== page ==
This a very nice article. Please add an indication of the performance in the 4m band and some figures about the efficiency on per ham band, of course assuming the amps delivers the target 600W. Many thanks and congratulations for the nice job.
what type of protections does the PA ensure. are there protections for the LDMOS protections are there protections for the transceiver ?
I have a V2.0 board that I am finally getting around to finishing. I have been stalled at checking out the board under power before installing the power transistors. Instead of getting 2.2 volts on the gate, as the instructions indicate, I was getting 2.5 volts. After recalibrating my voltmeter to make sure it was not bad, I figured out that the problem was that you changed the value of the resistors in the bias network from 1.0K in V1.2 board to 2.2K in V2.0/V2.1 boards, but the voltage at full CCW has not been adjusted. I believe that 2.5V is the correct gate voltage at full CCW with this board (5.36 * 2.2K/4.9K + .125 at TH1 high side).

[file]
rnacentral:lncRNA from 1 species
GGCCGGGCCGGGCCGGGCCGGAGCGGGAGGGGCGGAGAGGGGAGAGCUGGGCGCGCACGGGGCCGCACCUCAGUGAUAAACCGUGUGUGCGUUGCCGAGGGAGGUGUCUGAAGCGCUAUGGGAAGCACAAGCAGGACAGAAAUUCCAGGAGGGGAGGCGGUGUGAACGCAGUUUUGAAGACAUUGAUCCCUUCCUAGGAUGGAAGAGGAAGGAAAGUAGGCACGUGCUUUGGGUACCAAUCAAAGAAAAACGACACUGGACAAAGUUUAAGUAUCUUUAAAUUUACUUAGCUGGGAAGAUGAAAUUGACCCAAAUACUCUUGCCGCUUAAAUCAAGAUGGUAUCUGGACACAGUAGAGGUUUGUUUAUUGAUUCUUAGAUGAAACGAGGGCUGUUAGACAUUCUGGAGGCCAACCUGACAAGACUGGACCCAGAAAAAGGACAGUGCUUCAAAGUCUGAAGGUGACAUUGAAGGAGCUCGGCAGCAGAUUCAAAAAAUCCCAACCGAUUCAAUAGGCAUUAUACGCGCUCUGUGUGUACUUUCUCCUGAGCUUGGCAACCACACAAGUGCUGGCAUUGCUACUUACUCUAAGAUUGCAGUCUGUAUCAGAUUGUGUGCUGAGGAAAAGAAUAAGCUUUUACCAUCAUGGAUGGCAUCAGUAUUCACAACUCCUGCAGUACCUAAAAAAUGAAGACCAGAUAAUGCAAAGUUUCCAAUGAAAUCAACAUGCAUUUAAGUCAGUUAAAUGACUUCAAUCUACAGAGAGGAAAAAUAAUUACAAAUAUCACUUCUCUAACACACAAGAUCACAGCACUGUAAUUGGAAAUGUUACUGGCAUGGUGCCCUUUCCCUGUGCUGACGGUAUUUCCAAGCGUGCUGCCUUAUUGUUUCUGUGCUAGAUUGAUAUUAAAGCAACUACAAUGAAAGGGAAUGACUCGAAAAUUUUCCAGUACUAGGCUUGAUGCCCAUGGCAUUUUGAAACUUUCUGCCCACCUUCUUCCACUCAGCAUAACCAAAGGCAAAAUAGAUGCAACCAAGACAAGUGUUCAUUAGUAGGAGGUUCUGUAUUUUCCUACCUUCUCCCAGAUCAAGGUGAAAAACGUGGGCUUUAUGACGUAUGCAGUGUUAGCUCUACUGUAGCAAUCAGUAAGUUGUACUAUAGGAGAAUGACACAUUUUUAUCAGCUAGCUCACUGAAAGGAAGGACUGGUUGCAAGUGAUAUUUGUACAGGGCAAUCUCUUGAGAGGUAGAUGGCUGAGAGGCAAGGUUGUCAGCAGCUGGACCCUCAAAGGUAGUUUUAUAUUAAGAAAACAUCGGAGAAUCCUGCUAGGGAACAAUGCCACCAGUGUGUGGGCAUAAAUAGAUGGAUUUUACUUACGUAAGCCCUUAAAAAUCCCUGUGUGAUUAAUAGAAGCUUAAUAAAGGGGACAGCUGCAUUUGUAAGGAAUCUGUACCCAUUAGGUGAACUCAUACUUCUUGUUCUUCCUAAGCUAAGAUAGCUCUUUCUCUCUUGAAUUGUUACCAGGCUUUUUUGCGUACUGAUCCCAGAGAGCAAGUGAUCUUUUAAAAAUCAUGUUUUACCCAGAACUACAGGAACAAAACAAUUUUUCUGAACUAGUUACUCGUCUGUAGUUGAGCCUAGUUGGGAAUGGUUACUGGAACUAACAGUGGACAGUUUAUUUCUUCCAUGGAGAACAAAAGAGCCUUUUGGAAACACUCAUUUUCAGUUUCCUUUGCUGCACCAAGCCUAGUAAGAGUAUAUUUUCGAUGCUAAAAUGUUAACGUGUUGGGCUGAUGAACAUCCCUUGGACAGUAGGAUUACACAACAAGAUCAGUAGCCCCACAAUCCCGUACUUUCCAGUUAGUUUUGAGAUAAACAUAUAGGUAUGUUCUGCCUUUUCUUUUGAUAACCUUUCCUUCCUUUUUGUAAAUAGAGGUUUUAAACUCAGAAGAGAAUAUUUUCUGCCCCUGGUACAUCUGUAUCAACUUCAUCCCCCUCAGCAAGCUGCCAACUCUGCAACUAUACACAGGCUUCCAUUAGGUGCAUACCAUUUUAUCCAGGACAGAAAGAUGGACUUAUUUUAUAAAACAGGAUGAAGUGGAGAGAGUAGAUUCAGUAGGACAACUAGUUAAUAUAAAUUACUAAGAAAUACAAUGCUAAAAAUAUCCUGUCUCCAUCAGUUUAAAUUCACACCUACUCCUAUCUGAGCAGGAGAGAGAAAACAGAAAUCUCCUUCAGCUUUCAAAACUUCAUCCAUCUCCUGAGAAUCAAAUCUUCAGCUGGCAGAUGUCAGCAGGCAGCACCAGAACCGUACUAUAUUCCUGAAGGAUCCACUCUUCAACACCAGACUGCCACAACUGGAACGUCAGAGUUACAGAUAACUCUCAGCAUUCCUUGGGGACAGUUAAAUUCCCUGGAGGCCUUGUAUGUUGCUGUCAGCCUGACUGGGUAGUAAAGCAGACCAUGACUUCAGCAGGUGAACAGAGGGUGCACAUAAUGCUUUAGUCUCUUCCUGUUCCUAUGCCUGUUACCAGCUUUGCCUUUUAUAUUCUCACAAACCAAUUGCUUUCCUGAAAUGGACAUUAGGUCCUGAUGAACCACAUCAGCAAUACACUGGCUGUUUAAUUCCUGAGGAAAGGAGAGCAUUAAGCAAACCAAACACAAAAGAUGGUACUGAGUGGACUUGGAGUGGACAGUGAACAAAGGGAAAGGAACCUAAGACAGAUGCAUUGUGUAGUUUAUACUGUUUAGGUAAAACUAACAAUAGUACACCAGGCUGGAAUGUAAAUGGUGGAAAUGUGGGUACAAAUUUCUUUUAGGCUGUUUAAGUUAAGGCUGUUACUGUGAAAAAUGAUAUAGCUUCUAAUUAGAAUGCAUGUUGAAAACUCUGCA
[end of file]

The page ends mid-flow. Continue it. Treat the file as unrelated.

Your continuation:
This leaves a question of the current adjustment. I assume that the current at 2.4 volts would be greater than the current at 2.2 volts, but that value is the same in the instructions 60mA to which 200 mA is added for each transistor. Should I expect a higher initial current than 60mA since the 2.5 is closer to the Gate Threshold Voltage and Gate Quiescent Voltage (2.2V and 2.5V, typical)? It would seem that with a voltage of V_ds of 2.5 volts, each MRF300 would typically pass the I_d specified in the Gate Quiescent Voltage of 100mA, or 200mA total at minimum rotation of the resistor, rather than the 60mA total specified in the instructions.
What is the adjustment range (min and max) on your board? Is it the same for each transistor?
The idle current with 2.5V bias would probably be OK, but if you need more adjustment range at the bottom end you can add a 22k resistor in paralel with R36, or replace it with 2k.
10K in parallel gives me a range of 2.25 to 2.8 volts. I will start with that. If I need higher voltage to get 200mA, I will adjust the parallel resistor up.